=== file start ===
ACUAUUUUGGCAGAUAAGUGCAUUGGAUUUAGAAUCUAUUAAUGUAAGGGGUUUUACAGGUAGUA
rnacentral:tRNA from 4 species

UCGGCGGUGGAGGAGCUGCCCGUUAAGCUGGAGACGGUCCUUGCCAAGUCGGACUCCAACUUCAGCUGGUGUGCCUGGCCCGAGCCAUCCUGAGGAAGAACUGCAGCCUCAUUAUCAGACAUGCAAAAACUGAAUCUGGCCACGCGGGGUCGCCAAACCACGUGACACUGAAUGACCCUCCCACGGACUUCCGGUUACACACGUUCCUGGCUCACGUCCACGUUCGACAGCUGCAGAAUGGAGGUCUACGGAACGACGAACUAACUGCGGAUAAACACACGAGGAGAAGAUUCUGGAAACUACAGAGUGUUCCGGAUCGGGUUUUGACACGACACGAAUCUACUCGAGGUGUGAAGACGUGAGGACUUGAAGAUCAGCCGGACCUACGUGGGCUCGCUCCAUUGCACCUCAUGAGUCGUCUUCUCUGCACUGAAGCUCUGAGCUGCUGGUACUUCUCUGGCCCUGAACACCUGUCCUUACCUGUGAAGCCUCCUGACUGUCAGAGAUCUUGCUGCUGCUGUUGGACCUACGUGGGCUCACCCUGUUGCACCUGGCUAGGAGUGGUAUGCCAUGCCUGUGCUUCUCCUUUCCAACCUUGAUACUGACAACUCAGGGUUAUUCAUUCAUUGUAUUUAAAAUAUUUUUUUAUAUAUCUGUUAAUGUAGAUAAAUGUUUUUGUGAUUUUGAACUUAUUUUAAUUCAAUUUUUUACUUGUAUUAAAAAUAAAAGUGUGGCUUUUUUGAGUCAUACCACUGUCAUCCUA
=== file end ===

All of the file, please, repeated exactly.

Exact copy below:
ACUAUUUUGGCAGAUAAGUGCAUUGGAUUUAGAAUCUAUUAAUGUAAGGGGUUUUACAGGUAGUA
rnacentral:tRNA from 4 species

UCGGCGGUGGAGGAGCUGCCCGUUAAGCUGGAGACGGUCCUUGCCAAGUCGGACUCCAACUUCAGCUGGUGUGCCUGGCCCGAGCCAUCCUGAGGAAGAACUGCAGCCUCAUUAUCAGACAUGCAAAAACUGAAUCUGGCCACGCGGGGUCGCCAAACCACGUGACACUGAAUGACCCUCCCACGGACUUCCGGUUACACACGUUCCUGGCUCACGUCCACGUUCGACAGCUGCAGAAUGGAGGUCUACGGAACGACGAACUAACUGCGGAUAAACACACGAGGAGAAGAUUCUGGAAACUACAGAGUGUUCCGGAUCGGGUUUUGACACGACACGAAUCUACUCGAGGUGUGAAGACGUGAGGACUUGAAGAUCAGCCGGACCUACGUGGGCUCGCUCCAUUGCACCUCAUGAGUCGUCUUCUCUGCACUGAAGCUCUGAGCUGCUGGUACUUCUCUGGCCCUGAACACCUGUCCUUACCUGUGAAGCCUCCUGACUGUCAGAGAUCUUGCUGCUGCUGUUGGACCUACGUGGGCUCACCCUGUUGCACCUGGCUAGGAGUGGUAUGCCAUGCCUGUGCUUCUCCUUUCCAACCUUGAUACUGACAACUCAGGGUUAUUCAUUCAUUGUAUUUAAAAUAUUUUUUUAUAUAUCUGUUAAUGUAGAUAAAUGUUUUUGUGAUUUUGAACUUAUUUUAAUUCAAUUUUUUACUUGUAUUAAAAAUAAAAGUGUGGCUUUUUUGAGUCAUACCACUGUCAUCCUA